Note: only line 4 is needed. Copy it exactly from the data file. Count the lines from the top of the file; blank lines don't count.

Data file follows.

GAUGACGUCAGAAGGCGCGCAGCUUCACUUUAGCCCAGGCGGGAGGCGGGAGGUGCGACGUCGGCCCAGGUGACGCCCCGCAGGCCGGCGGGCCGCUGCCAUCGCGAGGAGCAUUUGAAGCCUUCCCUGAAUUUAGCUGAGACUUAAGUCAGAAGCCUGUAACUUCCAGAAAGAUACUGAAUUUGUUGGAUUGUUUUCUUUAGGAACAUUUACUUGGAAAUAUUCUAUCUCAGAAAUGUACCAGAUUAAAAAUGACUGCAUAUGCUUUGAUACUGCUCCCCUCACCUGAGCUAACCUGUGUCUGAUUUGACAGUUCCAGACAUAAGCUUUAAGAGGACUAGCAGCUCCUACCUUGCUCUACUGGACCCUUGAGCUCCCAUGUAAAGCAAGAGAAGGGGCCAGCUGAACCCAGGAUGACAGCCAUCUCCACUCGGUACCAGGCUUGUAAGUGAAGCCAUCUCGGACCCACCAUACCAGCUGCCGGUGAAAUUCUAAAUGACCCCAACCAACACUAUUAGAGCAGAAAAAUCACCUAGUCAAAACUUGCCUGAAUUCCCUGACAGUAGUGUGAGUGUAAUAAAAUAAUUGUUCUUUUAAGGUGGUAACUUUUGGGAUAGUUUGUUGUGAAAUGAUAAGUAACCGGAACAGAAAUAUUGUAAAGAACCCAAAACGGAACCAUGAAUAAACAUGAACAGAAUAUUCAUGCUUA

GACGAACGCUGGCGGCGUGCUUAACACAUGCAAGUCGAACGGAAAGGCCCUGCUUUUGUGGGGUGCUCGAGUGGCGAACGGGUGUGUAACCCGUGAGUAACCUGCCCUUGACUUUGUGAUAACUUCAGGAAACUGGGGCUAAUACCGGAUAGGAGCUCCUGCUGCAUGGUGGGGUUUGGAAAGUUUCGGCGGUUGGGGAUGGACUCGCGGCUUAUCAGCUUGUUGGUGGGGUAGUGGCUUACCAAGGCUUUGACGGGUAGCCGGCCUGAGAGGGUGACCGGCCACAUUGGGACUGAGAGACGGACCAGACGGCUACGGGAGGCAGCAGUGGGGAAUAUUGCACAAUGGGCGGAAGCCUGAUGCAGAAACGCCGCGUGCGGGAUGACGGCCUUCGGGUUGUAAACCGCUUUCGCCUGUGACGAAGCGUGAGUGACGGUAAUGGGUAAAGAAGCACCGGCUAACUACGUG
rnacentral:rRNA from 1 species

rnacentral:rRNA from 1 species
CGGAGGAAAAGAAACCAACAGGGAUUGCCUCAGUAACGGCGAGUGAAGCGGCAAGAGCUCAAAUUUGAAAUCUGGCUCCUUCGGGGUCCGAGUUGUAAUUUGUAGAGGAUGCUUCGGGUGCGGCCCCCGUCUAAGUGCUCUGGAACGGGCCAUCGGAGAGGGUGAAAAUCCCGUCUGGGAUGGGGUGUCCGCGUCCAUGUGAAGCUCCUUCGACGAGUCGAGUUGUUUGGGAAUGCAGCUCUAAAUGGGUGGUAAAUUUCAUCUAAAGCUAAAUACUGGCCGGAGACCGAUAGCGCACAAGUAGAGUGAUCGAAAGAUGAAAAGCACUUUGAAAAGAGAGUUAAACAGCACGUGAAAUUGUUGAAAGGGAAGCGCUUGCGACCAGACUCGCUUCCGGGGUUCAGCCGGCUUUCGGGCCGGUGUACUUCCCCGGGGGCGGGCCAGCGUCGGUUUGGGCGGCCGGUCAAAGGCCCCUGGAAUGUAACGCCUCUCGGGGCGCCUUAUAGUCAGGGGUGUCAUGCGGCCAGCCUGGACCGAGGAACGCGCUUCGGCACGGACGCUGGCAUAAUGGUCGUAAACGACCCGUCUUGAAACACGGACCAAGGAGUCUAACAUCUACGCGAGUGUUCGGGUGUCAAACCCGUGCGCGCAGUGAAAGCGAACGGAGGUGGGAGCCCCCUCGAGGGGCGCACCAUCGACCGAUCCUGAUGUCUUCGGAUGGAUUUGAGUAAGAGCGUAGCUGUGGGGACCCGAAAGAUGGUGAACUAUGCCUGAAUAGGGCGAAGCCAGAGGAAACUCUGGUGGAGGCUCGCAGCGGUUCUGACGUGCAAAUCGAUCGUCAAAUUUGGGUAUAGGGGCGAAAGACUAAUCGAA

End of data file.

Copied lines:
rnacentral:rRNA from 1 species